There was another terror attack in London last Sunday. Sudesh Amman stabbed two people before police shot him dead. He had previously been convicted of terrorism related offenses and, per the current law in Britain, was released after serving just half of his sentence. That release happened just over a week before the knife attack. Authorities knew Amman hadn’t been rehabilitated in prison and had him under surveillance from the moment he left prison to the time of the attack:
Sudesh Amman, 20, was placed under full surveillance from a unit of 30 officers on the day of his release from Belmarsh prison and within days prompted such concern from counter-terrorism officials that those tailing him were ordered to be armed.
In prison he had declined to engage in programmes to manage his risk, and his behaviour during his sentence for terrorist offences following a 2018 conviction caused concern.
One source with knowledge of the Amman case said: “He was as much a problem when he came out of prison as when he went in.”
Today, the Times of London reported there are 40 more convicted terrorists scheduled to be released over the next year and offered a list describing some of them:
Counterterrorism police and the security services have been preparing for the release of about 40 convicted terrorists over the next 12 months after two knife attacks by recently freed extremists…
Atiq Ahmed: next month
The Islamist from Oldham, Greater Manchester, has been convicted three times for terrorism offences. He was first jailed for two years and six months over terrorist material. After his release he received a suspended sentence after telling a school teacher they were an “infidel”. In 2018 he was jailed over possession of terrorist material.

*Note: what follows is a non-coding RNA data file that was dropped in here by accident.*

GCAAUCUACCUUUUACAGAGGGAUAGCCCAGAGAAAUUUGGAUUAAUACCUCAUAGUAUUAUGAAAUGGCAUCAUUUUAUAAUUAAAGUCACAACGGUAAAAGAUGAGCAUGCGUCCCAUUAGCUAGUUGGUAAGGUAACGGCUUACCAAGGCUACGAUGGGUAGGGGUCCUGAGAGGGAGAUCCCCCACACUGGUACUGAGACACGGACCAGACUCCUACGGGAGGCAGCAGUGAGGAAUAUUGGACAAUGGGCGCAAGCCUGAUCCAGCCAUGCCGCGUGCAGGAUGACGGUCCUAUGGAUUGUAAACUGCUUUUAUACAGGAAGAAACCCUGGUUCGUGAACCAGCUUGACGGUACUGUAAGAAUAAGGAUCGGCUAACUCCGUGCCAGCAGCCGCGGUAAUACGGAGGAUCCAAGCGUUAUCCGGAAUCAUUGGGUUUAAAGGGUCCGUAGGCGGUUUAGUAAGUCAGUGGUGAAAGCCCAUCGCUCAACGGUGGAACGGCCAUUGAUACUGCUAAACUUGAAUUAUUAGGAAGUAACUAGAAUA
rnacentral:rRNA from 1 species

Mohammed Khilji: next month
The teenager from Brent, northwest London, shared clips in which soldiers were beheaded by Isis. He posed with a knife in front of an Isis flag and another photo had the message “going kaffur hunting”. He was jailed for five years in June 2018.
Jamshed Javeed: next month
Plotted to join Islamic State in Syria and was jailed for six years in 2015 for preparing acts of terrorism. The earliest he could be released is next month.
Members of Parliament are rushing to pass legislation preventing the early release of convicted terrorists, but it’s going to be close:
The government will publish emergency laws to end the automatic early release of terrorists halfway through their sentences on Tuesday. They hope to clear all stages in the Commons before recess on February 13.
They then plan to push the legislation through the Lords after recess and gain royal assent by February 27. One convicted terrorist is due to be released the next day, and five more are due for release in March.
Of course, even if these convicts serve their entire sentences, most of them will still be out in a few years. The real problem is that it’s not easy to deradicalize people who have adopted extremist views.
Usman Khan, the terrorist who carried out a very similar knife attack last November had been previously touted as a success story for Learning Together, the rehabilitation program he participated in. Obviously he hadn’t really changed. And, unfortunately, that’s likely to be true for some of the other soon-to-be-released radicals as well.